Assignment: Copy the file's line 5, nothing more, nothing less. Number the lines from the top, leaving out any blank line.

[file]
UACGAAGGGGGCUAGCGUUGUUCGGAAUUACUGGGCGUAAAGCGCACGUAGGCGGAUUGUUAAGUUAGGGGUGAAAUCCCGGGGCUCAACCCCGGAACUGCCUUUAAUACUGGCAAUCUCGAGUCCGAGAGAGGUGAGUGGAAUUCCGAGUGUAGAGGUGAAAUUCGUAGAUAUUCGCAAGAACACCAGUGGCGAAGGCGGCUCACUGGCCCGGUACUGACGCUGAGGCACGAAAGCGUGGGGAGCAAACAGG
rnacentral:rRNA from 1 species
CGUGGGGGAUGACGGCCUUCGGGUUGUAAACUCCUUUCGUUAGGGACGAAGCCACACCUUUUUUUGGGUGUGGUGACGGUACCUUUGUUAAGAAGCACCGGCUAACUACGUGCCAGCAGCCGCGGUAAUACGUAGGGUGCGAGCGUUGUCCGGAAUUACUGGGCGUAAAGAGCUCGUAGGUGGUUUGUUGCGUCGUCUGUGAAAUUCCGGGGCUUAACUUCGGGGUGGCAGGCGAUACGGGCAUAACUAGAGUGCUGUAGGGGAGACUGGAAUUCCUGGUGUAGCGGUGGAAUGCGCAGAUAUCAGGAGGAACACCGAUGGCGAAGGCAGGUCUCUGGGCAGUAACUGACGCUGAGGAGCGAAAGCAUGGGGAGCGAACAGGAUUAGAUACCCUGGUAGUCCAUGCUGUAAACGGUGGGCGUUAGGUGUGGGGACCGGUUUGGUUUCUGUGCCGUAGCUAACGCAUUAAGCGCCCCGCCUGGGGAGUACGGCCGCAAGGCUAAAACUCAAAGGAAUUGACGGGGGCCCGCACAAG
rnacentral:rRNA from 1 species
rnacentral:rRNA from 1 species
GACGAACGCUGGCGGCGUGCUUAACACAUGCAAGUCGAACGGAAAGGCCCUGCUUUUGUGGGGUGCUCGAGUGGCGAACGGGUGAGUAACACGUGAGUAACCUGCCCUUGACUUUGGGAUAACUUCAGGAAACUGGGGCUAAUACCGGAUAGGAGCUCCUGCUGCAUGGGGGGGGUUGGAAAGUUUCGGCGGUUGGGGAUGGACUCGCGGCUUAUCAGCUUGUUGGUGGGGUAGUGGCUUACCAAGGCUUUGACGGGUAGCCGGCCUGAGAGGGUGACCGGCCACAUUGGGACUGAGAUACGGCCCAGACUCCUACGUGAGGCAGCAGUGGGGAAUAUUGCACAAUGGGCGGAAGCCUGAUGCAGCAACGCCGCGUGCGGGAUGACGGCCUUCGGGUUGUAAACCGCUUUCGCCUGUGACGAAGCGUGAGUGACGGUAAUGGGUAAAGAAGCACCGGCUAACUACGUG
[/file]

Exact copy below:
rnacentral:rRNA from 1 species